Thursday, November 17, 2022

Exhibition at Olana Opening on Sunday

The Olana Partnership, in collaboration with the New York State Office of Parks, Recreation, and Historic Preservation, presents Chasing Icebergs: Art and a Disappearing Landscape, the first winter exhibition at Olana State Historic Site. 

The exhibition, shown primarily in the Sharp Family Gallery at Olana, highlights Frederic Church’s iceberg sketches from his 1859 intrepid voyage to the Arctic. Risking his life, Church chartered a ship to the treacherous waters surrounding Newfoundland and Labrador—an area known as Iceberg Alley—on a mission that made him the first American artist to explore the region for the purpose of painting icebergs, a landmark event in the history of art. The exhibit includes photographs and historic texts which Church collected about icebergs and Arctic exploration, as well as the work of four contemporary artists who contemplate the wonder and fragility of Earth’s polar environments. Just as Church used his major work The Icebergs to reflect on the major crisis of his time—the Civil War—many contemporary artists reflect on the sublime power of Arctic ice and use it to uncover the global crisis of our time—climate change and the immediate danger it poses to our future and that of these imperiled wonders of nature. 

Joining Frederic Church’s works in this exhibition are artworks and writings by his companions and fellow explorers Dr. Isaac Israel Hayes and Louis L. Noble, as well as photographs from William Bradford’s Greenland expedition in 1869. Many of the historic works come from Church’s collection at Olana and illuminate Church’s long fascination with the Arctic region. The exhibition delves into the history of exploration, artistic representation of the Arctic, and the Indigenous peoples of Newfoundland and Labrador—such as the Mi’kmaq, Innu, and Inuit. Contemporary artists include Lynn Davis, Zaria Forman, Mark Igloliorte, and Kambui Olujimi.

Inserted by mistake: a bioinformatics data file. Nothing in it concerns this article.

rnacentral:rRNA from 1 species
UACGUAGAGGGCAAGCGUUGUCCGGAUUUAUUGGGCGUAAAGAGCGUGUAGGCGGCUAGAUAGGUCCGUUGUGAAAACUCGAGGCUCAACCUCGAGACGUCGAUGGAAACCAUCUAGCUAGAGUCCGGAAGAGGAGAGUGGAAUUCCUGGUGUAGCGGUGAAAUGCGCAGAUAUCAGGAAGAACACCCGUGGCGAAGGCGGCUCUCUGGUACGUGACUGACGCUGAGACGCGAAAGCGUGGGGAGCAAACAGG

Lynn Davis is a world-traveling photographer who in large format photography over five expeditions to Greenland captured icebergs, much the way Frederic Church did with vast oil on canvas paintings. Zaria Forman circumnavigated an iceberg in a similar way to Frederic Church, capturing details and sound through an immersive film. Mark Igloliorte draws from his heritage from Nunatsiavut, Labrador, and Inuktitut language in his interdisciplinary works of paint, performance, and installation. Alluding to the consequences of inaction, Kambui Olujimi challenges the concept of inevitability through installations of glass sculpture and water. 

The exhibition, which opens on Sunday, November 20, and continues through March 26, 2023, was the subject of a conversation this morning on WAMC's The Roundtable with Lynn Davis and Eleanor Jones Harvey, Senior Curator at the Smithsonian American Art Museum. That conversation can be heard here.

In conjunction with the exhibition, and in collaboration with Black Dome Press, The Olana Partnership has reproduced a new edition of Louis L. Noble’s 1861 book After Icebergs with a Painter, an engaging glimpse into the expedition he took alongside Frederic Church in 1859 to the waters of Newfoundland and Labrador. This important book, long out of print, features a new introductory essay and colored reproductions of most of Church’s iceberg sketches and paintings, as well as the first detailed map of his journey. The book is available online and at the Olana Museum Store. 

Chasing Icebergs: Art and a Disappearing Landscape was curated by William L. Coleman, Ph.D., Former Director of Collections & Exhibitions, with support from Allegra Davis, Associate Curator, and Ida Brier, Archivist/Librarian, all of The Olana Partnership, in collaboration with the New York State Office of Parks, Recreation, and Historic Preservation. 

For more information and to secure tickets to the exhibition for opening day, Sunday, November 20, click here.

No comments:

Post a Comment